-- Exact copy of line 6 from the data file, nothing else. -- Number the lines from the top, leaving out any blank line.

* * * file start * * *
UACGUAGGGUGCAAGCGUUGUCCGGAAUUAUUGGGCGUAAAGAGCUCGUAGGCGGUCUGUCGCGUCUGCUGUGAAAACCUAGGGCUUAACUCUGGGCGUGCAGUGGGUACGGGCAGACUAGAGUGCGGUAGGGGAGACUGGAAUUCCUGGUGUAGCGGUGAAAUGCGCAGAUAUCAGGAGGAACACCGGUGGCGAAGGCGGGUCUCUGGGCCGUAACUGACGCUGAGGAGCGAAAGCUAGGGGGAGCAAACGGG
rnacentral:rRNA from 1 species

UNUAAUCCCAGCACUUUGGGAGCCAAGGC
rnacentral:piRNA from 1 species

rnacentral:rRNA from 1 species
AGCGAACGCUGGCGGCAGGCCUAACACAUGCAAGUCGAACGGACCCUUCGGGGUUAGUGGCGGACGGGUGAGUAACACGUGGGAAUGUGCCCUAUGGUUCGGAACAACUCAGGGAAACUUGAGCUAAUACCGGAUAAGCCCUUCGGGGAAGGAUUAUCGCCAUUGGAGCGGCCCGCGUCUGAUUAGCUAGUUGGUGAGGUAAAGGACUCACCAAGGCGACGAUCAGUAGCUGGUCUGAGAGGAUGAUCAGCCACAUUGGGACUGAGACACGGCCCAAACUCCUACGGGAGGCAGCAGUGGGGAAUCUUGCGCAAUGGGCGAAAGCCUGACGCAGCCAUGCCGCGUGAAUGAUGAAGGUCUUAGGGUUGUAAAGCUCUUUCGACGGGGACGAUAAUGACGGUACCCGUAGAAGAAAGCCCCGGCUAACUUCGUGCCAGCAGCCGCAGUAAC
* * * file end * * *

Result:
AGCGAACGCUGGCGGCAGGCCUAACACAUGCAAGUCGAACGGACCCUUCGGGGUUAGUGGCGGACGGGUGAGUAACACGUGGGAAUGUGCCCUAUGGUUCGGAACAACUCAGGGAAACUUGAGCUAAUACCGGAUAAGCCCUUCGGGGAAGGAUUAUCGCCAUUGGAGCGGCCCGCGUCUGAUUAGCUAGUUGGUGAGGUAAAGGACUCACCAAGGCGACGAUCAGUAGCUGGUCUGAGAGGAUGAUCAGCCACAUUGGGACUGAGACACGGCCCAAACUCCUACGGGAGGCAGCAGUGGGGAAUCUUGCGCAAUGGGCGAAAGCCUGACGCAGCCAUGCCGCGUGAAUGAUGAAGGUCUUAGGGUUGUAAAGCUCUUUCGACGGGGACGAUAAUGACGGUACCCGUAGAAGAAAGCCCCGGCUAACUUCGUGCCAGCAGCCGCAGUAAC